Spending to mitigate the impact of Covid-19 in Scotland has now topped £6.5 billion – but Finance Secretary Kate Forbes has warned the response could be hampered just as cases are surging again if the UK Government does not grant her plea for more borrowing powers.
She said spending in response to the pandemic has so far exceeded the amount of cash Holyrood ministers have been given by the Treasury, and they are now “severely limited” as to what they can do.
She has criticised Chancellor Rishi Sunak for cancelling the UK Budget, insisting it is “completely unacceptable” and will “increase uncertainty” over public finances in Scotland.
She said: “Not only is the UK Government denying us the financial powers needed to fully respond to the pandemic, it has also removed any clarity about how much funding we will receive.”
She was speaking as it emerged additional funding from the UK to fund the coronavirus fight has increased the Scottish Government’s current budget – which covers the year 2020-21 – to just short of £54.5 billion.
An extra £1.8 billion is being made available for health and social care, a further £222 million for public transport, £190 million more for business and the arts, and an additional £119 million for education.
This is being paid for with £2.38 billion coming to Scotland from Westminster as a consequence of spending decisions there, £142 million of Scottish Government savings and money diverted from other budgets, and £30 million from reserves.
The details were revealed in the Scottish Government’s autumn budget revision – which was published after it emerged the next UK Budget has been cancelled as the Chancellor focuses on the ongoing response to Covid-19.
Ms Forbes stressed “every penny” that has come to Scotland as a consequence of Westminster spending to tackle the virus is being allocated, but said: “Our funding requirements continue to far exceed the money we have received to date.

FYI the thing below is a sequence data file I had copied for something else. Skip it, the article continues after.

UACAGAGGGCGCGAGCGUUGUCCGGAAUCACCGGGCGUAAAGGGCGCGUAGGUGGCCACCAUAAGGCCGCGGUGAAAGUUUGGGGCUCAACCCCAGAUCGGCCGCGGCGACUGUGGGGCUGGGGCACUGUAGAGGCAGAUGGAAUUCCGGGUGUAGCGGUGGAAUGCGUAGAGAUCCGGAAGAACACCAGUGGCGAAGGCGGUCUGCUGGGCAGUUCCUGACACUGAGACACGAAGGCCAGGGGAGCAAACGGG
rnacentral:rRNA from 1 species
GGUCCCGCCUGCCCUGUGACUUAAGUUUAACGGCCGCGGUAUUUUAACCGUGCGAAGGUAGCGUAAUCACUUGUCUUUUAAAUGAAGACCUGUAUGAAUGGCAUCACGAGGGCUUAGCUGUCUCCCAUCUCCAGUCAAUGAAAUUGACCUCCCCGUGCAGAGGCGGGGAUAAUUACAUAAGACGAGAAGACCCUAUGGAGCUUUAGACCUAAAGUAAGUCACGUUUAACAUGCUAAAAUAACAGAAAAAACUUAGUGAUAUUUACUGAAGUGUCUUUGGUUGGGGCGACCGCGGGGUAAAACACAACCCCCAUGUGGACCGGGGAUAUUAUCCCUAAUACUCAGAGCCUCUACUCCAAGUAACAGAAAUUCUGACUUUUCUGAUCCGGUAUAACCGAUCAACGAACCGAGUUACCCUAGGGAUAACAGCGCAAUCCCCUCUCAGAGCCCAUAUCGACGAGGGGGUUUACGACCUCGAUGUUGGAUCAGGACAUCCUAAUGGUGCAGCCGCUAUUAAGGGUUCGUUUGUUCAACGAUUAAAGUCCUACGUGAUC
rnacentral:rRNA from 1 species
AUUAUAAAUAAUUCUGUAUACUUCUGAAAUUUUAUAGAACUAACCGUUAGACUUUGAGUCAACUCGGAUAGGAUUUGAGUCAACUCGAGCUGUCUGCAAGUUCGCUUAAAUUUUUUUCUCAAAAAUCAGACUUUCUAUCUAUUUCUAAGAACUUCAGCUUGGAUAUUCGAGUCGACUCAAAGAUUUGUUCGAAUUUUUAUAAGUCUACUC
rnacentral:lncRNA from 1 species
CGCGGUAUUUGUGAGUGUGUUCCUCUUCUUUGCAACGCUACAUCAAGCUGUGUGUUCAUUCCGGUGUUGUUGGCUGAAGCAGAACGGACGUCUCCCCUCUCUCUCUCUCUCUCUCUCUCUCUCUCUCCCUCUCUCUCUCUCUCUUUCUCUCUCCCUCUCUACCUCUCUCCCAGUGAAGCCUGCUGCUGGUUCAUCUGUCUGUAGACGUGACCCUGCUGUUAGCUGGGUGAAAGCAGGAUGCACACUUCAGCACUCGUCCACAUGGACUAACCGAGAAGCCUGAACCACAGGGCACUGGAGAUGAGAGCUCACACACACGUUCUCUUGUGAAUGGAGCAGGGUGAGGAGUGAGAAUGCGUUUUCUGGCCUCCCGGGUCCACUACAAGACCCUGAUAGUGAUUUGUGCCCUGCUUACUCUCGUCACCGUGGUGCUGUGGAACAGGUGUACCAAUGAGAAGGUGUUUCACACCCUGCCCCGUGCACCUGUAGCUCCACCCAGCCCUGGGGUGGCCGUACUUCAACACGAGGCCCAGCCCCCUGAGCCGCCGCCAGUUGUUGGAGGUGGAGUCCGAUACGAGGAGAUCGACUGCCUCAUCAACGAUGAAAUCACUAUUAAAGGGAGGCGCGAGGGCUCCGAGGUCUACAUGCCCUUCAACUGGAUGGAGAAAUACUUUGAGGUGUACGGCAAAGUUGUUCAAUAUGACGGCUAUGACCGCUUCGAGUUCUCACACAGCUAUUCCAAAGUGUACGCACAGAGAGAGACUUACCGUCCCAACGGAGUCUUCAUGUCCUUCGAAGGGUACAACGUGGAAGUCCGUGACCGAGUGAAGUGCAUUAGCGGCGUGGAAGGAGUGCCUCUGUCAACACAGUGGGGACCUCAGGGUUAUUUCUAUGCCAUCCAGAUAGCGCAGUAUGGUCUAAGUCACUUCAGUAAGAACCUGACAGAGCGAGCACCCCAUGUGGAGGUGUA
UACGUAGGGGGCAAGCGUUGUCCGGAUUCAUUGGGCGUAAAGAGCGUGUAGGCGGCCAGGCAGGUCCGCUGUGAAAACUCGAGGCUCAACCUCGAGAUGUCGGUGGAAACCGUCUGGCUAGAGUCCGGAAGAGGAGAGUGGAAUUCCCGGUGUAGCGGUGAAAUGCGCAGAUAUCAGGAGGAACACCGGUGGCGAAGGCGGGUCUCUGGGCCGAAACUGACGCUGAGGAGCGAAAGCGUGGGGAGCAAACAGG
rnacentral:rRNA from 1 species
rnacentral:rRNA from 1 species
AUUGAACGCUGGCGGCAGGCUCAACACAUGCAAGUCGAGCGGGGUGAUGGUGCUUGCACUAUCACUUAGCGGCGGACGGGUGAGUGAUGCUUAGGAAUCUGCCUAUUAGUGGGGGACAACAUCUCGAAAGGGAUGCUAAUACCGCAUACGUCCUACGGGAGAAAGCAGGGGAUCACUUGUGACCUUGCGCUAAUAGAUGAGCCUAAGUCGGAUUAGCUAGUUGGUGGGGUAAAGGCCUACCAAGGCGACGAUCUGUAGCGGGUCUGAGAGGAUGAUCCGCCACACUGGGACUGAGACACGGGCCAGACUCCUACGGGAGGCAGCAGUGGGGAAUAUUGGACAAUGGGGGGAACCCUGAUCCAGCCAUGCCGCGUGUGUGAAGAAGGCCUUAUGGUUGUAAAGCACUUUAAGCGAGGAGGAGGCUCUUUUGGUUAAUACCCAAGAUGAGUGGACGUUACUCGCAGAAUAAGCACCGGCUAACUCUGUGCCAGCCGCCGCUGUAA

“The upturn in Covid-19 cases means demand for assistance will inevitably increase, yet the Scottish Government is severely limited in its response due to the financial constraints of devolution.
“We are doing all we can to protect public health, safeguard jobs and public services and to stimulate a sustainable economic recovery. But while other governments are financing their response through borrowing, we cannot do so.
“In light of the latest situation, I urge the UK Government to think again and grant the modest and temporary financial powers we, and the administrations in Wales and Northern Ireland, are asking for.”
She said if UK ministers do not give the devolved administrations additional borrowing powers, they must instead provide increased funding “to enable us to provide a sufficient response to the continuing crisis”.
She added: “The Chancellor has increased uncertainty by delaying the UK Budget.
“This is completely unacceptable as without the tax policy and other announcements of a UK Budget, the Scottish Budget for 2021-22, on which vital public services depend, would have to be based on provisional figures and be subject to much greater volatility.”